The purpose of this document is to provide guidance to minimise and where possible, prevent radiation therapy induced nausea and vomiting (RINV).
This document has been developed for the Australian clinical context using the most recent international guidelines including MASCC/ESMO antiemetic guidelines 2019r, ASCO antiemetic guidelines update 2020 r and NCCN Clinical Practice Guidelines in Oncology - Antiemesis guidelines v1.2021.r
Nausea and vomiting occur when neurotransmitters are stimulated and an impulse is sent to the autonomic nervous system causing nausea, and to the somatic and visceral system to produce vomiting.r
The incidence and severity of RINV are influenced by the specific radiation therapy regimen and by patient-specific factors. Frequency has been reported in 28-39% of patients.rr Furthermore, uncontrolled nausea and vomiting may result in patients delaying or refusing further radiation therapy.r
Nausea can be one of the earliest side effect of radiation therapy to develop and can appear 1 to 3 days after the commencement of treatment, lasting for several hours after treatment is completed. The first few days after the onset of RINV can be the most severe.
There are multiple risk factors that predispose the patient to the development and severity of RINV. These risk factors can include (but are not limited to) treatment and patient related factors.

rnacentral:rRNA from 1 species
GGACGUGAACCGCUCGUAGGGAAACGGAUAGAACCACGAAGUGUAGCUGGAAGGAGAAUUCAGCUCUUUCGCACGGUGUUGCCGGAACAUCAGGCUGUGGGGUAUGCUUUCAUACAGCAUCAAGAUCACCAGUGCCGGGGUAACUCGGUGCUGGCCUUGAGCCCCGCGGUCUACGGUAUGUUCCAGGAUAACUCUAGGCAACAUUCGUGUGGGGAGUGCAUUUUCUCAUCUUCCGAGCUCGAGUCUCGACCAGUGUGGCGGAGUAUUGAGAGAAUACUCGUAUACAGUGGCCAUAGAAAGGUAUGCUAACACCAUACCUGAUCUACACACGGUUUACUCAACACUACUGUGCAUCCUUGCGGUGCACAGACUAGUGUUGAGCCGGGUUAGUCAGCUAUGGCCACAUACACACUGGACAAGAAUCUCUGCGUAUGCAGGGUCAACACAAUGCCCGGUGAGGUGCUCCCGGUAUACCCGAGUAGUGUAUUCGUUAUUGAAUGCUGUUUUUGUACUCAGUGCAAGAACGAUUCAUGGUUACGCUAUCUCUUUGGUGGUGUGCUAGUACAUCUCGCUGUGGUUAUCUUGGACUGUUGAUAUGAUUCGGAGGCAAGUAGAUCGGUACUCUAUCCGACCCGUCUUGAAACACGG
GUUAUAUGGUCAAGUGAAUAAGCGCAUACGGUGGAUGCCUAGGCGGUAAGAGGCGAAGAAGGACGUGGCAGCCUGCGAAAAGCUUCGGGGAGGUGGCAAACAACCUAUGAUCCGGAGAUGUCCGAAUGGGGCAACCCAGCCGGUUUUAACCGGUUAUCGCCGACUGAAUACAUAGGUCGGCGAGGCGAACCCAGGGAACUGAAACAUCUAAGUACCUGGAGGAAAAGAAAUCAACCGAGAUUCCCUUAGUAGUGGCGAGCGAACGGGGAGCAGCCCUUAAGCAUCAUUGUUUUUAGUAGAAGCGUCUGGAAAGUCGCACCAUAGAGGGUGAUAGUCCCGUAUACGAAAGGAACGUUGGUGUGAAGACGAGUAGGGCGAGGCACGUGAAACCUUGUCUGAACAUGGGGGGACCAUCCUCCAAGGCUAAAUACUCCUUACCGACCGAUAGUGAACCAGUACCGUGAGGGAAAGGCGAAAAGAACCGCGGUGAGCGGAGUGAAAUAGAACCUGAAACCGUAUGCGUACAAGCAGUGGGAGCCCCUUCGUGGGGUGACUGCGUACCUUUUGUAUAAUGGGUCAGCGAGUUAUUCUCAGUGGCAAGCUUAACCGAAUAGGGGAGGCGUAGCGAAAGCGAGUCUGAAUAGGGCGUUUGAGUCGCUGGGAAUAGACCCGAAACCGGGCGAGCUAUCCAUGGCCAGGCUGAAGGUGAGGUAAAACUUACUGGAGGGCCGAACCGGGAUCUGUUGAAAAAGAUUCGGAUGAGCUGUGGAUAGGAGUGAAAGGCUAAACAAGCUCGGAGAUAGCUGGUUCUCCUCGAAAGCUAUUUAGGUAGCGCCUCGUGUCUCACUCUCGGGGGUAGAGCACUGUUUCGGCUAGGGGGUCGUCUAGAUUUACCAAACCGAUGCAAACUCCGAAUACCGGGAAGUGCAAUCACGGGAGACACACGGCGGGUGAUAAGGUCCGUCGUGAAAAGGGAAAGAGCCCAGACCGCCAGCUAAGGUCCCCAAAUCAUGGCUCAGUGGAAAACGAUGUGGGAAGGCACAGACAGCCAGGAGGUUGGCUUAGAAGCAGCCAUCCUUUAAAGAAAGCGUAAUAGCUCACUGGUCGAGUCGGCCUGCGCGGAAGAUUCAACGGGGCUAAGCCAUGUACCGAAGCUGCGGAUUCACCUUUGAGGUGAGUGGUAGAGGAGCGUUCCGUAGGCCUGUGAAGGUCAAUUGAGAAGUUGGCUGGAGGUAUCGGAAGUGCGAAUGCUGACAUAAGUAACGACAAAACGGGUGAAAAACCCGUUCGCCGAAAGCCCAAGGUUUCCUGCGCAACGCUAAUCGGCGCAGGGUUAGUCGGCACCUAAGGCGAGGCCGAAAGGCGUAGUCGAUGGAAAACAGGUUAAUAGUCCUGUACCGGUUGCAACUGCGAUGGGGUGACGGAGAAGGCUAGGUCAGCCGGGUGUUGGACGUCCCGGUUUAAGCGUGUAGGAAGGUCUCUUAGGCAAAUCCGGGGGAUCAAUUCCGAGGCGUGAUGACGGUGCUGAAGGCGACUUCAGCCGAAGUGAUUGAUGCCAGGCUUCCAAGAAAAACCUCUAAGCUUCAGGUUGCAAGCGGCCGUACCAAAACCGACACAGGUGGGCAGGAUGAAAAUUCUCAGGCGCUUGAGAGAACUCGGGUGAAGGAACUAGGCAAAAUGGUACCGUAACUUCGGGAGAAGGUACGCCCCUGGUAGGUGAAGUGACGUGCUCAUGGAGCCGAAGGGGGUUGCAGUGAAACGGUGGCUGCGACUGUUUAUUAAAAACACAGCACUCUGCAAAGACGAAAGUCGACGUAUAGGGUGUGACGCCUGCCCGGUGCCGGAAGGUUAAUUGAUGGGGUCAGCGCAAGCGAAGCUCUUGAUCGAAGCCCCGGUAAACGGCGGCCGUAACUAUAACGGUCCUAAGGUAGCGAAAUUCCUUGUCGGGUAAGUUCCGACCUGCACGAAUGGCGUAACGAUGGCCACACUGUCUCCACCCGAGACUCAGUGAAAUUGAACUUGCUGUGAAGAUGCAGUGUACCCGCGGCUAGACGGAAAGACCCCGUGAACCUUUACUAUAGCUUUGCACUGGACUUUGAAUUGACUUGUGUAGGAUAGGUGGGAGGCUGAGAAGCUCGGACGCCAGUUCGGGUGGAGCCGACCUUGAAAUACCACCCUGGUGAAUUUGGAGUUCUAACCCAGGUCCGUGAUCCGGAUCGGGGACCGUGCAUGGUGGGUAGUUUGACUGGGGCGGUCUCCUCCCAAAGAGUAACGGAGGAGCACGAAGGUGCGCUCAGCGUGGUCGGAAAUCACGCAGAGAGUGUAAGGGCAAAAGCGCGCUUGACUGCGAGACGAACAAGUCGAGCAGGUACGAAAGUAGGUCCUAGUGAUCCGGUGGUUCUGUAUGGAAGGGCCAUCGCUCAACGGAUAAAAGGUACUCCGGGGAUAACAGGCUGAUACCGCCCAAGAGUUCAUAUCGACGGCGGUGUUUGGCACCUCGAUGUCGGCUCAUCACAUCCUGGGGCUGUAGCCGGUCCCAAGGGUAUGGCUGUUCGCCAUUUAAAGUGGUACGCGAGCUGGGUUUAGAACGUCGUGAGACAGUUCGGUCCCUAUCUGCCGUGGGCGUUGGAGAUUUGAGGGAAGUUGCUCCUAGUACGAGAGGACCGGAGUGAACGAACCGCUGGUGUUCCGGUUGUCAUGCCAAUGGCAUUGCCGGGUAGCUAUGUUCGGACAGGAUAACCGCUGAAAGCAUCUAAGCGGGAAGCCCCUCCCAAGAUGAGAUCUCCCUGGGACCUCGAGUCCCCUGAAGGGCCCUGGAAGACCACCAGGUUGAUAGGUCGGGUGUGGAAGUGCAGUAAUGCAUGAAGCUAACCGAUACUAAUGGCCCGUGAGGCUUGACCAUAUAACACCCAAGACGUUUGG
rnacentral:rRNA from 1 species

Treatment related factors that affect the emetic risk include:
- the area of the body being treated/in the treatment field
- total body irradiation
- epigastric region
- para-aortic area
- pelvis fields extending into the abdomen
- chemoreceptor trigger zone (CTZ) in the cerebral cortex of the brain (in rare cases)
- the size of the treatment areas/field
- the per fraction and total dose of radiation delivered.
Patient related factors that may increase the risk of RINV include:
- concurrent or recent chemotherapy
- younger age (<50 years)
- previous history of RINV
- little or no previous alcohol use (chronic high consumption of alcohol appears to protect against RINV).
- history of motion sickness
- pregnancy related nausea/emesis
- anxiety/high pre-treatment expectation of nausea
- poor performance status.
Levels of emetic risk with radiation therapy
The likelihood of experiencing RINV can be divided into the following 4 groups:r
||Area of treatment
|High (greater than 90%)
||Total body irradiation (TBI)
|Moderate (30 to 90%)
||Upper abdomen, craniospinal irradiation
|Low (10 to 30%)
||Brain, head & neck, thorax, pelvis
|Minimal (less than 10%)
RINV is generally milder than anti-cancer therapy induced nausea and vomiting (AINV). Patients having concurrent chemoradiation therapy should receive antiemetic prophylaxis according to the emetogenicity of anti-cancer therapy, unless the emetic risk with the planned radiation therapy is higher. Link to prevention of anti-cancer therapy induced nausea and vomiting.